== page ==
Bank Reports That Alert Law-enforcement Agencies

       What are the FinCEN Files?

  • The FinCEN Files refer to a set of over 2,100 “Suspicious Activity Reports” (SARs) (see next question) filed by banks with the United States Department of the Treasury’s Financial Crime Enforcement Network,
    • The agency that serves as the leading global regulator in the battle against money laundering.

       So what is a SAR? When are they required to be filed?

  • SAR or Suspicious Activity Report is a document filed by banks and financial institutions to report suspicious activity to US authorities, in this case, FinCEN.
  • These are confidential, so secret that banks are not allowed to confirm their existence.
  • Indeed, even the account holder is unaware when an SAR is filed related to a transaction in that account.
  • SARs are filed with FinCEN in a prescribed format, and are meant to red flag, within 30 days of the transaction’s occurrence:
    • Criminal funds or any form of dirty money; insider trading; potential money laundering; terror financing; any transaction that raises suspicion.

       Who can file SARs?

  • Banks, of course, but now that list has been expanded to include money exchanges, securities brokers, casinos.
  • Non-filing of SARs can invoke hefty penalties.
  • In recent years, Deustche Bank, HSBC and Standard Chartered Bank, among others, have been slapped with huge fines for improper oversight.
  • Credit card systems are not required to file SARs and all filers are required to keep records of SARs for five years.

       But is SAR evidence of criminality, illegality If   not, what’s its signficiance?

  • A SAR is not an accusation, it is a way to alert regulators and law enforcement to possible irregular activity and crimes.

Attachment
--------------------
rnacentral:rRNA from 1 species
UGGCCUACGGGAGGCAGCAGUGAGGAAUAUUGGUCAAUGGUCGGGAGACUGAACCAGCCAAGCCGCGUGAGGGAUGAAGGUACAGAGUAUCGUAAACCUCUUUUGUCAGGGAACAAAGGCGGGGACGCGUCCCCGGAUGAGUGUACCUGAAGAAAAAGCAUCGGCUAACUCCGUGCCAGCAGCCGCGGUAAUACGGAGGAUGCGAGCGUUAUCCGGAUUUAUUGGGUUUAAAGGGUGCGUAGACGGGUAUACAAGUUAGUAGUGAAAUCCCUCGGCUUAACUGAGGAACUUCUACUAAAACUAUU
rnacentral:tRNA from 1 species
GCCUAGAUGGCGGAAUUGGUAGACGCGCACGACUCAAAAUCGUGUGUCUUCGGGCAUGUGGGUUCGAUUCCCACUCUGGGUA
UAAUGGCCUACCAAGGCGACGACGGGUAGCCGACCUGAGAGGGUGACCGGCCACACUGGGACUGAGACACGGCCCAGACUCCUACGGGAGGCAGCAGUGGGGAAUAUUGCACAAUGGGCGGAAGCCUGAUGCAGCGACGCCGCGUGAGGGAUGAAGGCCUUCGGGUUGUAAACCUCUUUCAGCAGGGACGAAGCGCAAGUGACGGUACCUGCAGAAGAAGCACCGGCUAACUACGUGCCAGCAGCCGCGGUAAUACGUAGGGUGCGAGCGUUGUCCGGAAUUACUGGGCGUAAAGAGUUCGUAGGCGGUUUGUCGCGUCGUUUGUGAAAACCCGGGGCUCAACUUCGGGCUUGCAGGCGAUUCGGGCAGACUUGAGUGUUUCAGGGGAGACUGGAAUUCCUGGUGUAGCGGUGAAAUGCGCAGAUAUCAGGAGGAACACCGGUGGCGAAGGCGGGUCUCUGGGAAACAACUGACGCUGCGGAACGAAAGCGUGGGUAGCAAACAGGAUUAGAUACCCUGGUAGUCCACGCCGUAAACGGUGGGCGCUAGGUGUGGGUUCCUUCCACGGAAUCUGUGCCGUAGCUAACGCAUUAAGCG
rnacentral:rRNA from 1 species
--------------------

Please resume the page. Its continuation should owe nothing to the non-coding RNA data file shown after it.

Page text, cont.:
• FinCEN shares SARs with law-enforcement authorities including FBI, US Immigration and Customs;
    • They are used to detect crime but cannot be used as direct evidence to prove legal cases.
    • In the world of international finance where money moves under several layers to escape or avoid taxation, SARs are the first red flags.

       Is there an equivalent of the SAR in India?

  • The Financial Intelligence Unit-India (FIU-IND) performs the same functions as FinCEN in the US. Under the Finance Ministry, this was set up in 2004
    • As the nodal agency for receiving, analyzing and disseminating information relating to suspect financial transactions.
  • The agency is authorised to obtain cash transaction reports (CTRs) and suspicious transaction reports (STRs) and cross border wire transfer reports from private and public sector banks every month
    • Under the Prevention of Money Laundering Act (PMLA).
  • It is mandatory for banks in India to furnish a monthly CTR to the FIU on all transactions over Rs 10 lakh or its equivalent in foreign currency or a series of integrally connected transactions that add up to more than Rs 10 lakh or its equivalent in foreign currency.
  • The STRs and CTRs are analysed by FIU and suspicious or doubtful transactions are shared with agencies like the Enforcement Directorate, the Central Bureau of Investigation and the Income Tax for the purpose of launching probes to check possible instances of money laundering, tax evasion and terror financing.